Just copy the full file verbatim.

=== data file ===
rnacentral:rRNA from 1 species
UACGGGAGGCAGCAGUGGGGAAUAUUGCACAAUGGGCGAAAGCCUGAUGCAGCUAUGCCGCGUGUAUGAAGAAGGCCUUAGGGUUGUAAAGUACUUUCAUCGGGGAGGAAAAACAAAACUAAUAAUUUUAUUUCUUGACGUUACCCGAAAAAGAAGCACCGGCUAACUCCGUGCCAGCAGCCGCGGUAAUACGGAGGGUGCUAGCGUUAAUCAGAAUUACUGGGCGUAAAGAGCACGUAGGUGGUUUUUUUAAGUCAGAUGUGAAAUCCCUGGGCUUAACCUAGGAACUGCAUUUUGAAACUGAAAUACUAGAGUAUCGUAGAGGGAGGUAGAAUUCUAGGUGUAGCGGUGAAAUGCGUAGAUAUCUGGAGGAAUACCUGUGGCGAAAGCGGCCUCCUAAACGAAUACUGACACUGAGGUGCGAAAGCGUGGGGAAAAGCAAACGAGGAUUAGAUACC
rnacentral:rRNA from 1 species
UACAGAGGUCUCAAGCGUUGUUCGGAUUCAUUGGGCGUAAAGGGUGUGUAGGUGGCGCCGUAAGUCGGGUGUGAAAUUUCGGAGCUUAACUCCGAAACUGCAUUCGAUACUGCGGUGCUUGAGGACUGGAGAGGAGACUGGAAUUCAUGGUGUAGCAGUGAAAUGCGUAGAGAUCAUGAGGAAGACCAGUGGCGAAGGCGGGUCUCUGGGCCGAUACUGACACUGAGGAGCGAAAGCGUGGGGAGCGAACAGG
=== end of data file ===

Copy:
rnacentral:rRNA from 1 species
UACGGGAGGCAGCAGUGGGGAAUAUUGCACAAUGGGCGAAAGCCUGAUGCAGCUAUGCCGCGUGUAUGAAGAAGGCCUUAGGGUUGUAAAGUACUUUCAUCGGGGAGGAAAAACAAAACUAAUAAUUUUAUUUCUUGACGUUACCCGAAAAAGAAGCACCGGCUAACUCCGUGCCAGCAGCCGCGGUAAUACGGAGGGUGCUAGCGUUAAUCAGAAUUACUGGGCGUAAAGAGCACGUAGGUGGUUUUUUUAAGUCAGAUGUGAAAUCCCUGGGCUUAACCUAGGAACUGCAUUUUGAAACUGAAAUACUAGAGUAUCGUAGAGGGAGGUAGAAUUCUAGGUGUAGCGGUGAAAUGCGUAGAUAUCUGGAGGAAUACCUGUGGCGAAAGCGGCCUCCUAAACGAAUACUGACACUGAGGUGCGAAAGCGUGGGGAAAAGCAAACGAGGAUUAGAUACC
rnacentral:rRNA from 1 species
UACAGAGGUCUCAAGCGUUGUUCGGAUUCAUUGGGCGUAAAGGGUGUGUAGGUGGCGCCGUAAGUCGGGUGUGAAAUUUCGGAGCUUAACUCCGAAACUGCAUUCGAUACUGCGGUGCUUGAGGACUGGAGAGGAGACUGGAAUUCAUGGUGUAGCAGUGAAAUGCGUAGAGAUCAUGAGGAAGACCAGUGGCGAAGGCGGGUCUCUGGGCCGAUACUGACACUGAGGAGCGAAAGCGUGGGGAGCGAACAGG